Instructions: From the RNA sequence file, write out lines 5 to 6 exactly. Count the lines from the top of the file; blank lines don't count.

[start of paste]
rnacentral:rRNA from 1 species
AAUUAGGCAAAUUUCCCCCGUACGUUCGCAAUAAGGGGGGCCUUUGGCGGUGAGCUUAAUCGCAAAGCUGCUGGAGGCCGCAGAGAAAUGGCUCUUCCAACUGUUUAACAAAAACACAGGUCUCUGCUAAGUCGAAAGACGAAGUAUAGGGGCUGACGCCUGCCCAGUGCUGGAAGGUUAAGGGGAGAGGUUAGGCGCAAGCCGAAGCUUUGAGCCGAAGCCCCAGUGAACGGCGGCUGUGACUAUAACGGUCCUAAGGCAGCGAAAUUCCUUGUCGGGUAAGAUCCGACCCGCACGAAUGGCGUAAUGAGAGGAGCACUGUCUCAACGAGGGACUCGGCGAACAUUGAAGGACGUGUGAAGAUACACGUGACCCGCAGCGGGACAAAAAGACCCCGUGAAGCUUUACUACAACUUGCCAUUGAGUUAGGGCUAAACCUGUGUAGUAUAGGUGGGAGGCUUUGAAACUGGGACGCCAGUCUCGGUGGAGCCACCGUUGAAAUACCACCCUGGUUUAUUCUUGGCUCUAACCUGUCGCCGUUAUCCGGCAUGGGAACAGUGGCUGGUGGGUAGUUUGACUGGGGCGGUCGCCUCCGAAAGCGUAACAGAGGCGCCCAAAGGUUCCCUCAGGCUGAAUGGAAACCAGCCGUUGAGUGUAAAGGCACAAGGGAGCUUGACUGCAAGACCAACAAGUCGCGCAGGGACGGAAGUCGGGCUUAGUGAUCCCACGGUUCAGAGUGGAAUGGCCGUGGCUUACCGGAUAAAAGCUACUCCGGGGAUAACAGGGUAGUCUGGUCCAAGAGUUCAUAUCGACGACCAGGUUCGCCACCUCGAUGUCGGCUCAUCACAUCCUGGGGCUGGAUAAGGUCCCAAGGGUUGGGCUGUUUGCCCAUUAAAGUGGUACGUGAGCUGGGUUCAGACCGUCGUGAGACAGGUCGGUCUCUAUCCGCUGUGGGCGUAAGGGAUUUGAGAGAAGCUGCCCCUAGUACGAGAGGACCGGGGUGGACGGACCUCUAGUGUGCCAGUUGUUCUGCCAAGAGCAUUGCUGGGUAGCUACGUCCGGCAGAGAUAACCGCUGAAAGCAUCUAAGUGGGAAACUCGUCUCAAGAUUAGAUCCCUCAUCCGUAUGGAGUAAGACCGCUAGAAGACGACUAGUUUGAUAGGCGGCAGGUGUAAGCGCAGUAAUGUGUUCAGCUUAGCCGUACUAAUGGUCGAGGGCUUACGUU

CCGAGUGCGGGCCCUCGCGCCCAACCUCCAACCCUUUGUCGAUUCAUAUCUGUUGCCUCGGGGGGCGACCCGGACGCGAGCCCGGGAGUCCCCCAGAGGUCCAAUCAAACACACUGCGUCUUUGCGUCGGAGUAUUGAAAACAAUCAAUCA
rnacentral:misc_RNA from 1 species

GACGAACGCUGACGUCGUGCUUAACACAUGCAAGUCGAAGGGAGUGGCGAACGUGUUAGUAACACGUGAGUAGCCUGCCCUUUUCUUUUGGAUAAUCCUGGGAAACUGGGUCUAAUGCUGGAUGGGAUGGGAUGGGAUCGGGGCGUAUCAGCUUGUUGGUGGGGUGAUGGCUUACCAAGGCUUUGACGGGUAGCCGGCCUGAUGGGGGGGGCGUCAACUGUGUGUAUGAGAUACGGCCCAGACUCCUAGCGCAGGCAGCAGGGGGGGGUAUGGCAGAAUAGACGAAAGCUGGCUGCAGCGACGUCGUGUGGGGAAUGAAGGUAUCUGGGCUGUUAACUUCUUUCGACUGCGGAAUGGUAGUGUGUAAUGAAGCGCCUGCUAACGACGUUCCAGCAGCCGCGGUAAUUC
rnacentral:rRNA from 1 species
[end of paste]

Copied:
GACGAACGCUGACGUCGUGCUUAACACAUGCAAGUCGAAGGGAGUGGCGAACGUGUUAGUAACACGUGAGUAGCCUGCCCUUUUCUUUUGGAUAAUCCUGGGAAACUGGGUCUAAUGCUGGAUGGGAUGGGAUGGGAUCGGGGCGUAUCAGCUUGUUGGUGGGGUGAUGGCUUACCAAGGCUUUGACGGGUAGCCGGCCUGAUGGGGGGGGCGUCAACUGUGUGUAUGAGAUACGGCCCAGACUCCUAGCGCAGGCAGCAGGGGGGGGUAUGGCAGAAUAGACGAAAGCUGGCUGCAGCGACGUCGUGUGGGGAAUGAAGGUAUCUGGGCUGUUAACUUCUUUCGACUGCGGAAUGGUAGUGUGUAAUGAAGCGCCUGCUAACGACGUUCCAGCAGCCGCGGUAAUUC
rnacentral:rRNA from 1 species